For at least a month now, Jerry has been insisting that it's time for us to play a round of golf. We've only played once, at a nine-hole par-three course last summer, which served as the establishing-a-baseline experience for this whole project. I recall playing that round surprisingly well, despite not having played a round for many years. I started something like par-par and finished with a par, too. I hit some reasonably good shots. Since then, we've pretty much taken my swing apart, working to groove a new, smoother, more powerful swing, a process that's nowhere near complete.
Nevertheless, Jerry's right: it's time. And today's the day.
I have to admit I feel quite a bit of trepidation. My new swing is nowhere near grooved yet. I expect that I'll hit a handful of pretty good shots, but also a bunch that go every direction but where I'm aiming. From the perspective of the actual (scoring) rules of golf, I'm likely to play pretty poorly indeed, and it's going to take some real focus on my part to not begin to question the conclusion that I've been sharing with you recently, that I really have improved greatly since that initial experimental round a year ago.
I wrote last week about how golf's scoring makes it especially unforgiving to the learning player, and so I want to plan a strategy ahead of time for making the experience as positive and fun as possible, while not diverging too far from the guiding idea of this project, which is to use energetic awareness to improve our golf games. By that I mean that I can't completely disregard the rules of the game and still speak to what we're trying to achieve here. I mean, I could definitely count only every other stroke if I wanted, and then tell people how I heroically and unexpectedly finished under par. (Hooray for me!) I could refuse to ever play a ball from a bunker or deep rough. I could pick up every ball that's behind a tree or in front of water. What's stopping me? Nothing, of course. And if that's more fun for me, well, I could just go ahead and do it. But I shouldn't properly call that "golf."
On the other hand, what's the value in using the rules of the game as a way to punish and undermine myself, to leave me demoralized and doubting?
So I'm making a plan, because I don't want to waste energy on disappointment--I'm interested in setting myself up for success. Because I haven't played since we started working on this project in earnest, I intend to go in with the attitude that I'm basically a beginner, that I haven't done this before, that every shot is new to me. Furthermore, I want playing to support my goal of improvement as much as practice does, so I want trying to figure out how to get as much useful experience out of the round as possible. With that in mind, I intend to do the following: I'm going to play by the rules, counting every shot. At the same time, I'm going to keep a second score, in which I essentially play a scramble with myself. Whenever time allows, I will take another shot when a shot goes awry, and sometimes even when it doesn't. Basically, I'll practice as many shots on the course as possible. I'll take my actual ball as my score, but will use that second score--we'll call it the "potential" score--as a guidepost to help keep me optimistic about where I'm ultimately headed.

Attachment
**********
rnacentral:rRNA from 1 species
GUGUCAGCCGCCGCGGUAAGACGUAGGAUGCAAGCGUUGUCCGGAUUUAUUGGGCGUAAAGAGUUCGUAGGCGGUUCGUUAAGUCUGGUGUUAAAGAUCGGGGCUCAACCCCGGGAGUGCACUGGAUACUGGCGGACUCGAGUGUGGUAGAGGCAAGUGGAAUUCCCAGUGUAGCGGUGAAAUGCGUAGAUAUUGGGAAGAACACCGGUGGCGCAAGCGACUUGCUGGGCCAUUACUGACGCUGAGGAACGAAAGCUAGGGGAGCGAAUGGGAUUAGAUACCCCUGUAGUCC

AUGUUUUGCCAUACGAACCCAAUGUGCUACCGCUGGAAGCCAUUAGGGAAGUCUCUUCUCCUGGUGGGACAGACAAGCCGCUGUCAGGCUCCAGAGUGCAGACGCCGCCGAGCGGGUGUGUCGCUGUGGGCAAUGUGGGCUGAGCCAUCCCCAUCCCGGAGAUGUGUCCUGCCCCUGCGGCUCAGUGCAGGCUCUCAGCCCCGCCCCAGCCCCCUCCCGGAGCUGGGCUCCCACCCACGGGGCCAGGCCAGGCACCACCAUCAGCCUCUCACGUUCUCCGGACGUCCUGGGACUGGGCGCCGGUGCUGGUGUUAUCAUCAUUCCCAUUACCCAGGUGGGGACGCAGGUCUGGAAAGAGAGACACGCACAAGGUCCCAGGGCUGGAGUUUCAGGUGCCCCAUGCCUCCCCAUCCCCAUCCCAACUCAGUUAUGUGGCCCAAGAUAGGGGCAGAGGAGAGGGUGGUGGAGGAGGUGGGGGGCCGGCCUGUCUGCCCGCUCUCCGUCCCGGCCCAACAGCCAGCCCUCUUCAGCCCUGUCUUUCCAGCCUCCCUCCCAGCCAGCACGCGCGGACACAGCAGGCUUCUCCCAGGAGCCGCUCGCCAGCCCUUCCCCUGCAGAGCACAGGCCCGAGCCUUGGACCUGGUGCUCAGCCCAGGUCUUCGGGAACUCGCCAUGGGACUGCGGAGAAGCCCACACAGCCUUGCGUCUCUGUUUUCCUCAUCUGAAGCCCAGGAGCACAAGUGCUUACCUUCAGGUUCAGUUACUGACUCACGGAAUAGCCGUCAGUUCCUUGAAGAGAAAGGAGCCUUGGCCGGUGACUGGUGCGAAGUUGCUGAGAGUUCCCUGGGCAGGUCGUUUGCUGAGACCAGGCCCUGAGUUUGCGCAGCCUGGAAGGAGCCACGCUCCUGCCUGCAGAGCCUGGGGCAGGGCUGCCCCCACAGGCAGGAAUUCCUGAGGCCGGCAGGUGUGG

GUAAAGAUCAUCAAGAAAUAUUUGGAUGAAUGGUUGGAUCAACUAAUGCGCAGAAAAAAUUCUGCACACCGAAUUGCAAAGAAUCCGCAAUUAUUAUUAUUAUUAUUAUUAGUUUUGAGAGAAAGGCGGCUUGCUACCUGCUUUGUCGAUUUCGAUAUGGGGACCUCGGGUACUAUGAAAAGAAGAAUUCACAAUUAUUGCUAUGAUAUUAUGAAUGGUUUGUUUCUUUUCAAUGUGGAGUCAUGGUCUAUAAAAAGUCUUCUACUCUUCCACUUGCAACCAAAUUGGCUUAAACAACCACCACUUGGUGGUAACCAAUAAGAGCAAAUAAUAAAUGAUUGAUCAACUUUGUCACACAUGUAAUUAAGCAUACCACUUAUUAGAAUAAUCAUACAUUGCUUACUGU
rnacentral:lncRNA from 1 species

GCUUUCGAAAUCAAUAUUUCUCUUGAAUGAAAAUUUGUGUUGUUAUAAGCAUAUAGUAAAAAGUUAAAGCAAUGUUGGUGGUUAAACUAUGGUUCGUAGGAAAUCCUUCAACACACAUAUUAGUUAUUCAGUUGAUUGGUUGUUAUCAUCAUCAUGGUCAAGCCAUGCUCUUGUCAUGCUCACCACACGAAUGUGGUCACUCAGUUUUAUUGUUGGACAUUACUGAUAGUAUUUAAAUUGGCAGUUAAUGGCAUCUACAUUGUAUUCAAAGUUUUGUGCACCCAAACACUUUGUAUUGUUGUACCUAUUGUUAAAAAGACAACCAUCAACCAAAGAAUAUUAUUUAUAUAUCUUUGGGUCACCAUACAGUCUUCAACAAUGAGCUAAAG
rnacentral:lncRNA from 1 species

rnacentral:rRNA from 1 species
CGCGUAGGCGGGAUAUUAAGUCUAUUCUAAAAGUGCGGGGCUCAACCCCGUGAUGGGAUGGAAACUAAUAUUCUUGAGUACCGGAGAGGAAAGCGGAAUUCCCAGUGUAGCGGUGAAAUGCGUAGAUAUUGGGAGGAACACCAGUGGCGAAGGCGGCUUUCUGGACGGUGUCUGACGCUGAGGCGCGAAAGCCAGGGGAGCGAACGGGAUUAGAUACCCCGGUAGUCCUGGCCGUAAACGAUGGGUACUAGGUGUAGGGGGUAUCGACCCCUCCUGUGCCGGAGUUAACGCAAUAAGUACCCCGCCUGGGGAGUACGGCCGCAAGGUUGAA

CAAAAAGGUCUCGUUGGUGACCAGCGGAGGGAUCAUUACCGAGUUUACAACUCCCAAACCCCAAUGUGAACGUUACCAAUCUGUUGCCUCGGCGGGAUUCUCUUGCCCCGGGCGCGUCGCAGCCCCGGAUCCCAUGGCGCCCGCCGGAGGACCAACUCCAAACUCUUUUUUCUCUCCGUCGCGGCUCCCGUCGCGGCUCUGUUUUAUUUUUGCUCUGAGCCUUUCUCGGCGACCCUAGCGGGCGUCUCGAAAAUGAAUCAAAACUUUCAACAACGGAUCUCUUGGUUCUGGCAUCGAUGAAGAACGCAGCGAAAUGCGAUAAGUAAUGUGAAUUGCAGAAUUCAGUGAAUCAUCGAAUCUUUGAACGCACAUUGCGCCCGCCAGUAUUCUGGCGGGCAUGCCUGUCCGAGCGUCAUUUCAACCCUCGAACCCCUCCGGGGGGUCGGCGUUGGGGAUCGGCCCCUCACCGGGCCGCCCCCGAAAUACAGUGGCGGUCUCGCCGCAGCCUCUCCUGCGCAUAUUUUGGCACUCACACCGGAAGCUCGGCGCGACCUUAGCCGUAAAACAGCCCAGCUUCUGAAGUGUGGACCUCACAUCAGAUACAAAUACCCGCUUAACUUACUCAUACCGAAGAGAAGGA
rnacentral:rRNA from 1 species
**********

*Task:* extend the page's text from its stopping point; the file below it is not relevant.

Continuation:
What I'm most concerned with is seeing within me the ability to hit something of a reasonable shot from each actual lie, even if it takes me three or four shots do so. Recall that when we started this project, my goal was built around having fun, and for me in the context of a round of golf, fun is less dependent on my score than feeling that I have the potential to actually play golf. I don't want to feel like the stupid game is something eternally beyond my reach.
So why keep score at all? Several people, including at least one friend who's a much better golfer than me, have recommended not doing so. "It's a lot more fun that way," they've said. (I'm sure we've all seen the quote, usually attributed to Mark Twain, that golf is "a good walk spoiled.") They have a point, but for our purposes, a score offers a numeric way to gauge how we've done, and an objective path to measuring our improvement.
I feel good about this plan. By preparing myself mentally ahead of the experience, I'm making it much more likely that I'll walk off the course exclaiming, "That was fun!" It's hard to hope for anything more than that.